A long time ago in at a Comic Con not so far away … I had the grand opportunity to meet and photograph Peter Mayhew, the actor who played Chewbacca in all the Star Wars movies. Mr. Mayhew taught me a very valuable lesson that every photographer should know: always ask before you take someone’s photograph.
I first met Mayhew at the Sci-Fi Expo at the Plano Convention Center in Plano, Texas in October 2005. I had gotten into film photography about a year earlier. My primary camera was a medium format Rolleicord V. This was before I fell head-over-heels in love with Holga cameras. I was lucky to get any good shots at the time. My Rollie required lots of measuring, setting, focusing and a steady hand, so I relied a lot on a tripod for shots.
Before I actually talked to Mayhew at the signing table, I had set up my Rolleicord on its tripod and set the aperture and shutter speed. All that was left was a little focusing and a press of a button.
Now, if you have never met Peter Mayhew, or you are not familiar with Chewbacca from Star Wars, let me say he has a grandiose presence. Mayhew stands 7 ft. 3 in. (2.21 m.) tall. He has a dark, bushy mane of hair, a strong jaw line, long arms and large hands. In one word: intimidating.
As I was about to trigger the shutter, Mayhew leans forward and says, “What … are … you … doing?” He clinched his hands, raised his arms and put a stern look on his face.
In hind sight, I would ask the very same question. Here was a stranger (me) setting up some type of camera (which had not been used in nearly 40 years) on a tripod. In short, what the heck was I doing.
Yep, I took the photograph anyway. And not only can you see Mayhew’s angry look in the photograph, you can also see the unfriendly expression on the face of Mrs. Mayhew in the background.
After the photograph, I did apologize. I explained what type of camera I was using. I said I was a big fan. I used to be a lot smaller fan (in 1977). I was able to take another photograph, but it was not nearly as dramatic.
In 2006, Peter Mayhew was back again for the Sci-Fi Expo at the same convention center. I though this would be a good time to apologize again for my behavior the previous year. I took the angry photograph with me to explain. We all looked at the photograph and had a nice laugh.
Mayhew has kind enough to take another photograph for me. So, I set up my Rolleicord for another shot. I measured the lighting, set the aperture and shutter speed. Mayhew leans in with the biggest smile I have ever seen and says, “How is this?”
The shot was perfect. It remains one of my top Rolleicord photographs. I could not have asked for a better model that day.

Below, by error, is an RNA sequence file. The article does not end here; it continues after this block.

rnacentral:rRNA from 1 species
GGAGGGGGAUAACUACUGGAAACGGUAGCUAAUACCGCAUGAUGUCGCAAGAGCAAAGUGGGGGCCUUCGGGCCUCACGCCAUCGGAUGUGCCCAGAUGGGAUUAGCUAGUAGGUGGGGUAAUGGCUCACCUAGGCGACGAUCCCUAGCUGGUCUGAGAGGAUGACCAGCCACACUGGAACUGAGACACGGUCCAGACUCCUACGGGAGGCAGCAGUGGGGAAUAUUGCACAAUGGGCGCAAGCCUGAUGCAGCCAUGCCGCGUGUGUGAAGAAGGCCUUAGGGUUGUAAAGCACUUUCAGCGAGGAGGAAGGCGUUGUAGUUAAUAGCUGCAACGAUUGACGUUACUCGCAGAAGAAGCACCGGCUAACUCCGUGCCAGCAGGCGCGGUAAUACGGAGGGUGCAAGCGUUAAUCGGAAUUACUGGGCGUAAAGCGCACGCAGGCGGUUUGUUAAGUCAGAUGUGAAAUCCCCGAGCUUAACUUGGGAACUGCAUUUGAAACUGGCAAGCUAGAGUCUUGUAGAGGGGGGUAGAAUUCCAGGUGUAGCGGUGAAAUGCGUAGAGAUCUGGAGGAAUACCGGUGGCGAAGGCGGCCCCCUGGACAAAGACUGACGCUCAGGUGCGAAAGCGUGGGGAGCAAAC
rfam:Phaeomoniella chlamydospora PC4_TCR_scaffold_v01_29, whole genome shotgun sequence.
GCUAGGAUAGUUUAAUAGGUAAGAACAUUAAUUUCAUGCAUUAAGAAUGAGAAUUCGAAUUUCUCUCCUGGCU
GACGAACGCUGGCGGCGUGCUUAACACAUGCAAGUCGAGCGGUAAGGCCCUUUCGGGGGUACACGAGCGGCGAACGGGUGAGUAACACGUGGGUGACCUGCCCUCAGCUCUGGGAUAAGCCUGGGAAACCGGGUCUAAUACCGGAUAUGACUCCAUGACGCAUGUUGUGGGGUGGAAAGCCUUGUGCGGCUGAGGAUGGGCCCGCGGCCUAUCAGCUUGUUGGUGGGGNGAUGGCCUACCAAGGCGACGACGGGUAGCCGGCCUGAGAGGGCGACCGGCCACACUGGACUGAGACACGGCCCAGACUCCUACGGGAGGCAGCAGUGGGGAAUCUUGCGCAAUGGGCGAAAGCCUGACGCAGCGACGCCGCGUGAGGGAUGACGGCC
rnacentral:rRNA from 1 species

Later, I remembered that Mayhew had kept the angry photograph. I had not given it to him, but apparently he had tucked it away during our discussion. I have mused about that angry photograph for years.
Fast forward to last year. Mayhew was visiting a patient at the hospital where my wife works. She texts me asking if I know Peter Mayhew. Why, yes I do. I have photographed him twice. I sent her the photographs. I said he is very nice and she should talk to him. My darling wife (bless her heart) is not a Star Wars fan, and she is always very busy at work, but she did eventually talk to Mayhew and show him my photographs. She said he liked them and would like a copy. I later said that was very kind of him to say. I was sure he says that to all Star Wars fans.
Cut to yesterday at the Sci-Fi Expo at the Irving Convention Center in Irving, Texas. I like getting autographs of my favorite Star Wars actors, but I especially like getting their signature on my photographs of them, which usually means meeting them twice. I printed off two 8 x 10 in. photographs of my favorite Mayhew, put them in a protective sleeve and headed out to the convention.
Peter Mayhew was just as nice, if not a little older (aren’t we all), than when I first met him. There wasn’t much time to chat, which I would have liked, but I did manage to get his autograph on my favorite photograph and I gave Mayhew the extra copy, which he quickly tucked away.
Another lesson to learn: stamp your information (name, website, etc.) on the back of your photographic prints. I gave Mayhew the photograph, but I never gave him my name or even a business card.
Earlier in the day, I had tweeted about the Sci-Fi Expo and included Mayhew’s Twitter handle (@TheWookieeRoars). To my surprise he started following me (@MrHolga). I even got a DM from his account saying his wife wanted to talk to me about my photographs. It’s never good when someone’s wife wants to talk to you about your photographs. I hope she is alright with them. I’ll let you know. Cheers.
— Dallas Art News (@DallasArtNews) February 8, 2014
That’s my photograph under Mayhew’s hands.
— Mr. Holga (@MrHolga) February 9, 2014